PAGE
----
Minivans are deeply unsexy, but even the most hardened car guy must admit that a high-zoot Toyota Sienna, Honda Odyssey, or Chrysler Town & Country—with reclining leather thrones, more video screens than a Buffalo Wild Wings, and heaps of other sybaritic delights—is far from uncomfortable. Now comes a Mercedes-Benz entry, the new Metris. Toyota, Honda, and Chrysler: Prepare to be out-pimped!
Actually, y’all are good. The Metris is not a luxury minivan. Yes, it’s a Mercedes, but if you were expecting the Metris to be the proverbial Mercedes-Benz of minivans, it’s not. At least not the way most of America understands the brand. Think of it as a shrunken Sprinter, not an S-class for soccer moms.
The rear-drive Metris is essentially a rechristened version of the Spanish-built Mercedes-Benz Vito that is commonly used in Europe and elsewhere for hotel-shuttle, vanpool, and cargo-hauling duties, and it’s expected to be used in much the same way on these shores. Mercedes does sell a fancy version of the Vito called the V-class, but knowing how few customers exist for such a high-dollar thing here (given the brand’s experience with the R-class), there are no plans to bring that version here.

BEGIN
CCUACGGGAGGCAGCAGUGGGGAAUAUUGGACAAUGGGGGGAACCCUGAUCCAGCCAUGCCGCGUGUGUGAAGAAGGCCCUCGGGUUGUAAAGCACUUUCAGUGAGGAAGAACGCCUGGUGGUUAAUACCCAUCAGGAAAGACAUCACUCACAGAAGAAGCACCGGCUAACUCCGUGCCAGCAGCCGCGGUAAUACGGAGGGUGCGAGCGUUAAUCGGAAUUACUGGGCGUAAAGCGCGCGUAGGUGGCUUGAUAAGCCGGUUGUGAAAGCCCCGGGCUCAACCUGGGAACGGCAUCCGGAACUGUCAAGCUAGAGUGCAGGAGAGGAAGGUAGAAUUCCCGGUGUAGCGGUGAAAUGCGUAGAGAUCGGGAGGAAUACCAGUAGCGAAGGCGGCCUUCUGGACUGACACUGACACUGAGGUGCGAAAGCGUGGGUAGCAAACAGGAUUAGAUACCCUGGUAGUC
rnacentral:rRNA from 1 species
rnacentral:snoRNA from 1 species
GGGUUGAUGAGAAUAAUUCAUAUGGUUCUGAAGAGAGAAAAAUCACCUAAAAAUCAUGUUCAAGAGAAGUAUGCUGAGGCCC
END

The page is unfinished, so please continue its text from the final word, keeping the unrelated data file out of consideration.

Only two significant changes were made to make the Vito—er, Metris—palatable to North American buyers: The center console, which can house a manual shifter in the Vito, was ditched in favor of two Big Gulp–sized cup holders, and the Vito’s diesel engines will stay on the other side of the pond while the Metris instead gets a gas-powered 2.0-liter turbocharged four-cylinder and a seven-speed automatic. Complete review on www.caranddriver.com, by Manufacturer
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